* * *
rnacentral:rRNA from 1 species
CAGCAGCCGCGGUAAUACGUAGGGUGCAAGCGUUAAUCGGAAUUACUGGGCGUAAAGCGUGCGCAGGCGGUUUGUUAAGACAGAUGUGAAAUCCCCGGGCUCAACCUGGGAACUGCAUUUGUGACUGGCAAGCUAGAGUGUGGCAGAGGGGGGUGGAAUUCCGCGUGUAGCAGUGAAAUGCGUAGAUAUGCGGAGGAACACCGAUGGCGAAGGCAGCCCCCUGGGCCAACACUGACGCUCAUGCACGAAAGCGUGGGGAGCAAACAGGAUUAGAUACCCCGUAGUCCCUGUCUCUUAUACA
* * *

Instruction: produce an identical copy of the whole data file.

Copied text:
rnacentral:rRNA from 1 species
CAGCAGCCGCGGUAAUACGUAGGGUGCAAGCGUUAAUCGGAAUUACUGGGCGUAAAGCGUGCGCAGGCGGUUUGUUAAGACAGAUGUGAAAUCCCCGGGCUCAACCUGGGAACUGCAUUUGUGACUGGCAAGCUAGAGUGUGGCAGAGGGGGGUGGAAUUCCGCGUGUAGCAGUGAAAUGCGUAGAUAUGCGGAGGAACACCGAUGGCGAAGGCAGCCCCCUGGGCCAACACUGACGCUCAUGCACGAAAGCGUGGGGAGCAAACAGGAUUAGAUACCCCGUAGUCCCUGUCUCUUAUACA